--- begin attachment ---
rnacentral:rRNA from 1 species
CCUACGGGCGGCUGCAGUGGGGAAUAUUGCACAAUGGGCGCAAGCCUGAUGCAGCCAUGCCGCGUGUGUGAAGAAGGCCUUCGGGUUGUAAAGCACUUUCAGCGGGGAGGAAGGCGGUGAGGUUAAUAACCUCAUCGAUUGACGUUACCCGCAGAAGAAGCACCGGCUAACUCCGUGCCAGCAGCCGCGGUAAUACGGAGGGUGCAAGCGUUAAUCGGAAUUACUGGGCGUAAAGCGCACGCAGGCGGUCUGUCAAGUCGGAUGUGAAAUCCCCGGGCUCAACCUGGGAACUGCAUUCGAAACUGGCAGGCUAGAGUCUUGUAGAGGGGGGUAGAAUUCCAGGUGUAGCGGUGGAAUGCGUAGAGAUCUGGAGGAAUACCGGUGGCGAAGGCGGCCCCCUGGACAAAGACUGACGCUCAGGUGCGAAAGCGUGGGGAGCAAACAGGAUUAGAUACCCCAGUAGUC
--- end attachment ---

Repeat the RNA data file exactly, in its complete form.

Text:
rnacentral:rRNA from 1 species
CCUACGGGCGGCUGCAGUGGGGAAUAUUGCACAAUGGGCGCAAGCCUGAUGCAGCCAUGCCGCGUGUGUGAAGAAGGCCUUCGGGUUGUAAAGCACUUUCAGCGGGGAGGAAGGCGGUGAGGUUAAUAACCUCAUCGAUUGACGUUACCCGCAGAAGAAGCACCGGCUAACUCCGUGCCAGCAGCCGCGGUAAUACGGAGGGUGCAAGCGUUAAUCGGAAUUACUGGGCGUAAAGCGCACGCAGGCGGUCUGUCAAGUCGGAUGUGAAAUCCCCGGGCUCAACCUGGGAACUGCAUUCGAAACUGGCAGGCUAGAGUCUUGUAGAGGGGGGUAGAAUUCCAGGUGUAGCGGUGGAAUGCGUAGAGAUCUGGAGGAAUACCGGUGGCGAAGGCGGCCCCCUGGACAAAGACUGACGCUCAGGUGCGAAAGCGUGGGGAGCAAACAGGAUUAGAUACCCCAGUAGUC